4. Push to the branch (git push origin my-new-feature)
  5. Create new Pull Request Push to the branch (git push origin my-new-feature)

[Andrews Medina] venha fazer parte da globo.com

January 8th, 2014

A globo.com é líder absoluta no mercado de portais de notícias, esportes e entretenimento em toda a América Latina. São milhões de acessos por dia aos portais (g1.globo.com, globoesporte.globo.com, gshow.globo.com) com a home da globo.com sendo a principal fonte de acessos com cerca de 45 milhões de visualizacoes por dia.

Trabalhar na globo.com significa que você dividirá seu dia-a-dia com algums dos melhores profissionais do país, usará as melhores ferramentas (open source) para completar seus desafios e fará parte de um ótimo ambiente de trabalho. Terá a oportunidade de participar de eventos assistindo ou palestrando, e terá um macbook a sua disposição.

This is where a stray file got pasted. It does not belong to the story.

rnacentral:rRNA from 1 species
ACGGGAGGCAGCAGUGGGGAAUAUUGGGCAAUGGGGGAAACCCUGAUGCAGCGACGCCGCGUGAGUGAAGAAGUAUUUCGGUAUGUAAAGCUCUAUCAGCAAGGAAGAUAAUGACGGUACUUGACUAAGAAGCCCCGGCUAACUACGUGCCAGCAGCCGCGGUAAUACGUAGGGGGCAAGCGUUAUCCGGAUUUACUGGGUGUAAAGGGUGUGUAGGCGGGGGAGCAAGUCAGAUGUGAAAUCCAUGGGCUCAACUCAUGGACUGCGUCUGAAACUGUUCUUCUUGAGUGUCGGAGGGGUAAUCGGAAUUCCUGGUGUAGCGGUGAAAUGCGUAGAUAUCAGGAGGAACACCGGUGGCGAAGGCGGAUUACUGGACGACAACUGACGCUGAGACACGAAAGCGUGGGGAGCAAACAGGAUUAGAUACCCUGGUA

Se você ficou interessado, basta mandar um email para andrews@corp.globo.com com informações que você julgue relevante (currículo, LinkedIn, Blog, GitHub, etc.) e uma breve explicação do porquê você quer fazer parte da nossa equipe.

ps: as vagas são para trabalhar no nosso escritório no rio de janeiro

[Flávio Ribeiro] Naming Things

December 14th, 2013

There are only two hard things in Computer Science: cache invalidation and naming things.

Phil Karlton

I was thinking about how important naming things is to me. Since the beginning of my undergraduate studies, I paid close attention to the names of every project I’ve done and every company or lab that I’ve worked at.

I’m also catching myself arguing about the name of things on my daily work and I was able to notice how bad I am at it. This post aims on forcing me to improve my naming things skill.